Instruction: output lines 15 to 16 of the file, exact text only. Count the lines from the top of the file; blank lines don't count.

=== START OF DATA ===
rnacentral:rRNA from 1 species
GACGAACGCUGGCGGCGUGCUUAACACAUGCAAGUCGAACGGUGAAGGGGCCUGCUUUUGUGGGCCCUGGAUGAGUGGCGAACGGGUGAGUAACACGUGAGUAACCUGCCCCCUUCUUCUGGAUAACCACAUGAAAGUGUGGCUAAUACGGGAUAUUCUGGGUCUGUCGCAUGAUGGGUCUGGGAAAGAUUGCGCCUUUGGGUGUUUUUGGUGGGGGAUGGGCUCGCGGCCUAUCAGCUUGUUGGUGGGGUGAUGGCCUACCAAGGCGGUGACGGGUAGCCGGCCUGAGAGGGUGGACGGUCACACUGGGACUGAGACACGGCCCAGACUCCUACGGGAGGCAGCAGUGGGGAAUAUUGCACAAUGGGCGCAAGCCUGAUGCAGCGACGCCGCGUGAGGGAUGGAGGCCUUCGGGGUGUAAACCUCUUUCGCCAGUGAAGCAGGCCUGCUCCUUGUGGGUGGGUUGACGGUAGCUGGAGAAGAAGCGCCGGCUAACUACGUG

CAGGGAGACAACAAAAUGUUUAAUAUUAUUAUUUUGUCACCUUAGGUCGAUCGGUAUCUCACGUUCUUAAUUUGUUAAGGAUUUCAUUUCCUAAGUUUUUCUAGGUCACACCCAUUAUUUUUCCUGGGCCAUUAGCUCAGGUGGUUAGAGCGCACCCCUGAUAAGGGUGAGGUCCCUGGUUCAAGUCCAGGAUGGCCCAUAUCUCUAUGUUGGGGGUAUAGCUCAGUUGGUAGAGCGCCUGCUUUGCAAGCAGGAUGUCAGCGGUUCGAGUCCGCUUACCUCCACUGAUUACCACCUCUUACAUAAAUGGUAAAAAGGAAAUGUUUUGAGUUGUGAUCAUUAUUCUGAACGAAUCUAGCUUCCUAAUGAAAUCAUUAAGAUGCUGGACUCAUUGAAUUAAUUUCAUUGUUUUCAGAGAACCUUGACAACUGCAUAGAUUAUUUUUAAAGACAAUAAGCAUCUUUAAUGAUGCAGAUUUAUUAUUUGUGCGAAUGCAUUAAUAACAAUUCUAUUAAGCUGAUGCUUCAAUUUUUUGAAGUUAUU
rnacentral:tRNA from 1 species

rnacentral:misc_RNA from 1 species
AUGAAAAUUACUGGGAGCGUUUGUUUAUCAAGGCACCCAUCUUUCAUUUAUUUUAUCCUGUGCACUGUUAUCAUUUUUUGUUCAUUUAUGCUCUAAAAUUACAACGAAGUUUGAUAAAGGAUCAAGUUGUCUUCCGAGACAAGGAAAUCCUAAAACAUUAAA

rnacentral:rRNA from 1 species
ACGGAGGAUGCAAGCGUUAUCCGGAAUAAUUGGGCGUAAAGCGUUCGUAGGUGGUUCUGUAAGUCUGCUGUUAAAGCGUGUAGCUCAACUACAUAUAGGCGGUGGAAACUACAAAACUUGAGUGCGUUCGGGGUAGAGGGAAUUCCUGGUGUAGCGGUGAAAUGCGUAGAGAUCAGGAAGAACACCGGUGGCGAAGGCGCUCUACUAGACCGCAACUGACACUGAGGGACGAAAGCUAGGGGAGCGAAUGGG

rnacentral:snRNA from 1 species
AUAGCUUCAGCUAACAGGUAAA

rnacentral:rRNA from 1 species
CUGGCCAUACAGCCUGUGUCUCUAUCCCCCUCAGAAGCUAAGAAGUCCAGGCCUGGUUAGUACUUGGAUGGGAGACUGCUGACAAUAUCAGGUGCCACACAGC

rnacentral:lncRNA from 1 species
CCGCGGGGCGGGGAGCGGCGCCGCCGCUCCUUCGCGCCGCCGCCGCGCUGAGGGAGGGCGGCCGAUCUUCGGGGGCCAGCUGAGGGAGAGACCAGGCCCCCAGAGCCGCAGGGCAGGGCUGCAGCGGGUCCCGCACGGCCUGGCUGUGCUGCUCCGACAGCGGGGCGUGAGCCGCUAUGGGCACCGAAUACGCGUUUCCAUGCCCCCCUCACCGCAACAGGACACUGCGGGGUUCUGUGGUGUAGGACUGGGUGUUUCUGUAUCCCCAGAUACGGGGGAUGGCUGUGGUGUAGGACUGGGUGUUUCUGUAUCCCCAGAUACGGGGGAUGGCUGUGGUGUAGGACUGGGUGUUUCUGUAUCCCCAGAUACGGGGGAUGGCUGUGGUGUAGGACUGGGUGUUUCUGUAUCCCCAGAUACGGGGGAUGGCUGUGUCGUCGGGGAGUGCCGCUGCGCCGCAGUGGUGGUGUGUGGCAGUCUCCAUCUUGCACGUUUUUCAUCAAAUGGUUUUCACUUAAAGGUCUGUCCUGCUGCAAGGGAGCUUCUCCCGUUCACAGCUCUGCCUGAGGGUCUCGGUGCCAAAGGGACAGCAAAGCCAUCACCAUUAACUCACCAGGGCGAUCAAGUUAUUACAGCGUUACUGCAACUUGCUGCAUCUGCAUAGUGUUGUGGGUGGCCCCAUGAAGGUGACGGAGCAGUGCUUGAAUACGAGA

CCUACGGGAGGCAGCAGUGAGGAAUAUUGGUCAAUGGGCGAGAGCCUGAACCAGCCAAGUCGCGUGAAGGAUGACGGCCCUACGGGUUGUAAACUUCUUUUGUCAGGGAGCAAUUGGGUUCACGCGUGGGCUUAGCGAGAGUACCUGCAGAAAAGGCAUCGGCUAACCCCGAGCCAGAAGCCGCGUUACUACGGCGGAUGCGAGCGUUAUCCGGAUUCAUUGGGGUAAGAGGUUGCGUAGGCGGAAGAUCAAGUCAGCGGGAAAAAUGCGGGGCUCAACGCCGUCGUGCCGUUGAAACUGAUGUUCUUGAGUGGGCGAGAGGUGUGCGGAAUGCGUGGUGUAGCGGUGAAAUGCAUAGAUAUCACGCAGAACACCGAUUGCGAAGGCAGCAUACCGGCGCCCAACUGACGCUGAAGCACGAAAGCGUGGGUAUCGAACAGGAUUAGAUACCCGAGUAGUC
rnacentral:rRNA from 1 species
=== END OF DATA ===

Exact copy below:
CCUACGGGAGGCAGCAGUGAGGAAUAUUGGUCAAUGGGCGAGAGCCUGAACCAGCCAAGUCGCGUGAAGGAUGACGGCCCUACGGGUUGUAAACUUCUUUUGUCAGGGAGCAAUUGGGUUCACGCGUGGGCUUAGCGAGAGUACCUGCAGAAAAGGCAUCGGCUAACCCCGAGCCAGAAGCCGCGUUACUACGGCGGAUGCGAGCGUUAUCCGGAUUCAUUGGGGUAAGAGGUUGCGUAGGCGGAAGAUCAAGUCAGCGGGAAAAAUGCGGGGCUCAACGCCGUCGUGCCGUUGAAACUGAUGUUCUUGAGUGGGCGAGAGGUGUGCGGAAUGCGUGGUGUAGCGGUGAAAUGCAUAGAUAUCACGCAGAACACCGAUUGCGAAGGCAGCAUACCGGCGCCCAACUGACGCUGAAGCACGAAAGCGUGGGUAUCGAACAGGAUUAGAUACCCGAGUAGUC
rnacentral:rRNA from 1 species